The Fair Deal campaign is about keeping the Trans Pacific Partnership from changing our copyright laws.
A Fair Deal is one that opens up new trade opportunities without forcing us to make copyright law changes that would take a major toll on New Zealand.
The Trans Pacific Partnership (TPP) is a trade agreement that New Zealand is negotiating with eleven countries: Australia, Brunei, Canada, Chile, Japan, Peru, Malaysia, Mexico, Singapore, Vietnam and the United States.
The TPP is no simple “free trade agreement.” It goes further than tariffs and quotas. The TPP will reach beyond the border, into New Zealand’s own policy-making and regulatory processes. For example, the TPP could stop future governments from making their own decisions on important issues including how long copyright lasts and how Internet Service Providers do business.
The TPP negotiations are secret,
so nobody can say for sure what New Zealand could lose or gain from the agreement, but a leaked document reveals that the US wants copyright standards that would force change to New Zealand’s copyright laws. We want you to know more about what’s at stake so that you can have a say now, before the deal is done.
The good news is that we know – from another leaked document – that the NZ copyright team went into TPP talks looking for fair copyright (and other intellectual property) standards. Now is the time to stand behind our team and support a Fair Deal for New Zealand.
Support a Fair Deal for Consumers
Keep parallel imports
The TPP could give copyright holders the power to veto parallel imports. This would drive up the already high price of books and DVDs in New Zealand. Parallel imports have been legal since 1998. The TPP could change all that.
Keep our copyright terms
The TPP could make copyright longer in New Zealand. For example, book copyright lasts for the life of the author plus 50 years after his death. The TPP could add another 20 years to that, making copyright last the author’s life plus 70 years. Not only would Kiwis have to pay extra 20 years in royalties, but several generations will go by before the book enters the public domain.
Keep our current law on TPMs
A Technological Protection Measure (TPM) is software designed to prevent people from copying digital products. But TPMs do more than that — they prevent us from doing legal things, like watching legally-purchased DVDs from different regions or unlocking (aka “jailbreaking”) iPhones. Our current law lets us get around – circumvent – TPMs so long as we’re not doing it to infringe copyright. The TPP could make it illegal to circumvent TPMs even for non-infringing purposes like getting around region-coding or unlocking phones.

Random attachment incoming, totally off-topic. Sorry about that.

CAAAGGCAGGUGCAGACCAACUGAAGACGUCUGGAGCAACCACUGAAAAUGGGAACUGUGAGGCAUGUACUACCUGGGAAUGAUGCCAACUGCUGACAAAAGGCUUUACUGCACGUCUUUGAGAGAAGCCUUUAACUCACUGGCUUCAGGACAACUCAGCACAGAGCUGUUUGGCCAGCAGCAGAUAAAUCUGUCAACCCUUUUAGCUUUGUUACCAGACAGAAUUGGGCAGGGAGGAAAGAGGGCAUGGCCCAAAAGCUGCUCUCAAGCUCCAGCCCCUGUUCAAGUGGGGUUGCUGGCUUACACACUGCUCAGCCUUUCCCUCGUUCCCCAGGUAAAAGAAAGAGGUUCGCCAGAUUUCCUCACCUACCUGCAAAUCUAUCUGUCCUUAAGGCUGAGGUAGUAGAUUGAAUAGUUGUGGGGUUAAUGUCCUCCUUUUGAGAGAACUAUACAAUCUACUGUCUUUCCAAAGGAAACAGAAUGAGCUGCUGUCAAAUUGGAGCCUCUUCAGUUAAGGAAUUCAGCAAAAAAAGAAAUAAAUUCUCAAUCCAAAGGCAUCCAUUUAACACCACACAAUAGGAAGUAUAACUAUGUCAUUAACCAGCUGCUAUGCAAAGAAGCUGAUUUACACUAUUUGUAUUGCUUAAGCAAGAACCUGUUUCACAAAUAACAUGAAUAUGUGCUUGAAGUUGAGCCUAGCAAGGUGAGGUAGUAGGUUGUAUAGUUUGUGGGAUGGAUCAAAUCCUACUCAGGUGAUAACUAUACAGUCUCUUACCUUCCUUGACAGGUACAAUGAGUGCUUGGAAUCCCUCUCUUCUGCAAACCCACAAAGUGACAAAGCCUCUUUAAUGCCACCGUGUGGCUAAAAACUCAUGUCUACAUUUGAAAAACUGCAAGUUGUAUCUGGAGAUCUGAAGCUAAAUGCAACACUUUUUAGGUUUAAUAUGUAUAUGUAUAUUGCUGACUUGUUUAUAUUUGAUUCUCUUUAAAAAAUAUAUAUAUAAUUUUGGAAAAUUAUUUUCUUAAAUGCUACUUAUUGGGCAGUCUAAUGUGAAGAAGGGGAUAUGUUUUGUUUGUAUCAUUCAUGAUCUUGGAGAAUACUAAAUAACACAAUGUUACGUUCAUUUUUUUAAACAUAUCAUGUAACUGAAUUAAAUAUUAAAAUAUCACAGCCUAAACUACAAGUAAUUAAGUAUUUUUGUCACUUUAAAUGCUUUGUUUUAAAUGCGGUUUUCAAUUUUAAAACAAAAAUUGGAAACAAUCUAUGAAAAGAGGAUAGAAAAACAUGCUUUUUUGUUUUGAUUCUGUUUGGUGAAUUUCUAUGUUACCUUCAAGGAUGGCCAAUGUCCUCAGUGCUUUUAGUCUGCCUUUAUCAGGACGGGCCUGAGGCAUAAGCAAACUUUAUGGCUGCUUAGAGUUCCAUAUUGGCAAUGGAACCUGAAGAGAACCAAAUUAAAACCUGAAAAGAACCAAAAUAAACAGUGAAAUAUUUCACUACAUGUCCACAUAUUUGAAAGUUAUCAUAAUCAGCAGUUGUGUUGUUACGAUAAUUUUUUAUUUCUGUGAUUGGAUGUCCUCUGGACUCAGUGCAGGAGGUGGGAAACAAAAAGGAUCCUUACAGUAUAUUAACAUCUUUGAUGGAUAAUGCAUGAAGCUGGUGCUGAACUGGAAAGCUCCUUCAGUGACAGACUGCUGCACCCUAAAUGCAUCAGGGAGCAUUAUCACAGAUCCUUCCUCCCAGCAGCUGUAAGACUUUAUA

Support a Fair Deal for Innovators
Copyright exceptions are important to innovation
Copyright law is meant to encourage people to create, but too strong copyright law can actually stifle innovation. This is especially true in the digital environment. As explained in a leaked text by New Zealand negotiators:
Many innovations are occurring in a rapid and sequential manner either through the clustering of innovation or by one innovator moving to quickly build on the work of another…In this environment, more people are arguing that overly strong rights can act as an inhibitor rather than as promoter of innovation.
The TPP should encourage innovation by giving countries the right to create their own exceptions to copyright laws that let new business models flourish. If countries want to embrace the “weightless economies” on the Internet, then when it comes to copyright law, the exceptions to the rule are as important as the rule itself.
Support a Fair Deal for our Internet
Keep our Internet open
The TPP could give copyright owners power over temporary electronic copies, for example cached, buffered or streamed data. The glaring problem is this: the Internet fundamentally depends on making temporary copies to move information from point A to point B, so the TPP’s “temporary electronic copy” right is like giving copyright owners the power to set up toll booths all along the information superhighway. This would seriously take away from the openness that makes the Internet so valuable.
Let ISPs do what they do best – provide Internet access, not police copyright
The TPP could force ISPs to be judge and jury when it comes to copyright infringement, making them – not a Court – determine who “repeat infringers” of copyright are and cut them off from the Internet. We’ve been down this road before in New Zealand and we came up with a law that requires a Court to be involved — we have due process, and it should stay that way.
What you can do…
Click on a postcard below
Pick the issue that you care most about and tell the Minister of Trade what you think in 140 characters. Keep it clean and constructive! Then, enter your details – name, email and country. If we reach 5,000 postcards we’ll print them out and deliver them to the Minister. We’ll do best to deliver yours but we cannot make guarantees.